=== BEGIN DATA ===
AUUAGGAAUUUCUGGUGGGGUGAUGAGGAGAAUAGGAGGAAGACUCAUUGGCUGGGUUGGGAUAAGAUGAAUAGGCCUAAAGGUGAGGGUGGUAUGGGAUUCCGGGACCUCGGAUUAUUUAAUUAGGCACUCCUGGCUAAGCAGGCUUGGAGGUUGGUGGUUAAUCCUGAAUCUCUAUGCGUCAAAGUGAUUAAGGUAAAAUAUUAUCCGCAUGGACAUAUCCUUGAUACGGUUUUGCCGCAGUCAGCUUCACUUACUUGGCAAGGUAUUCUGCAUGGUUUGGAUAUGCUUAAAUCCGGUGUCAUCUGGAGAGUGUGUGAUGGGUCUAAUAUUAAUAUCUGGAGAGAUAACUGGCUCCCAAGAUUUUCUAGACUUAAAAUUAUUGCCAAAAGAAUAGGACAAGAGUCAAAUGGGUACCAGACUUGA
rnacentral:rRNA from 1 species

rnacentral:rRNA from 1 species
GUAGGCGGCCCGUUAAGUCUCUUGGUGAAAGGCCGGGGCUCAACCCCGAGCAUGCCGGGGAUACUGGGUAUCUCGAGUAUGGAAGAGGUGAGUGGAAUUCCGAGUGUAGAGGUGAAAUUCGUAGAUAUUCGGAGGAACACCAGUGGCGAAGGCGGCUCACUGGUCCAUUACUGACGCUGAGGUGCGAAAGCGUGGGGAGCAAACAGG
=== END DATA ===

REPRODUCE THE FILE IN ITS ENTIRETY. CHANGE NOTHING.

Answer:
AUUAGGAAUUUCUGGUGGGGUGAUGAGGAGAAUAGGAGGAAGACUCAUUGGCUGGGUUGGGAUAAGAUGAAUAGGCCUAAAGGUGAGGGUGGUAUGGGAUUCCGGGACCUCGGAUUAUUUAAUUAGGCACUCCUGGCUAAGCAGGCUUGGAGGUUGGUGGUUAAUCCUGAAUCUCUAUGCGUCAAAGUGAUUAAGGUAAAAUAUUAUCCGCAUGGACAUAUCCUUGAUACGGUUUUGCCGCAGUCAGCUUCACUUACUUGGCAAGGUAUUCUGCAUGGUUUGGAUAUGCUUAAAUCCGGUGUCAUCUGGAGAGUGUGUGAUGGGUCUAAUAUUAAUAUCUGGAGAGAUAACUGGCUCCCAAGAUUUUCUAGACUUAAAAUUAUUGCCAAAAGAAUAGGACAAGAGUCAAAUGGGUACCAGACUUGA
rnacentral:rRNA from 1 species

rnacentral:rRNA from 1 species
GUAGGCGGCCCGUUAAGUCUCUUGGUGAAAGGCCGGGGCUCAACCCCGAGCAUGCCGGGGAUACUGGGUAUCUCGAGUAUGGAAGAGGUGAGUGGAAUUCCGAGUGUAGAGGUGAAAUUCGUAGAUAUUCGGAGGAACACCAGUGGCGAAGGCGGCUCACUGGUCCAUUACUGACGCUGAGGUGCGAAAGCGUGGGGAGCAAACAGG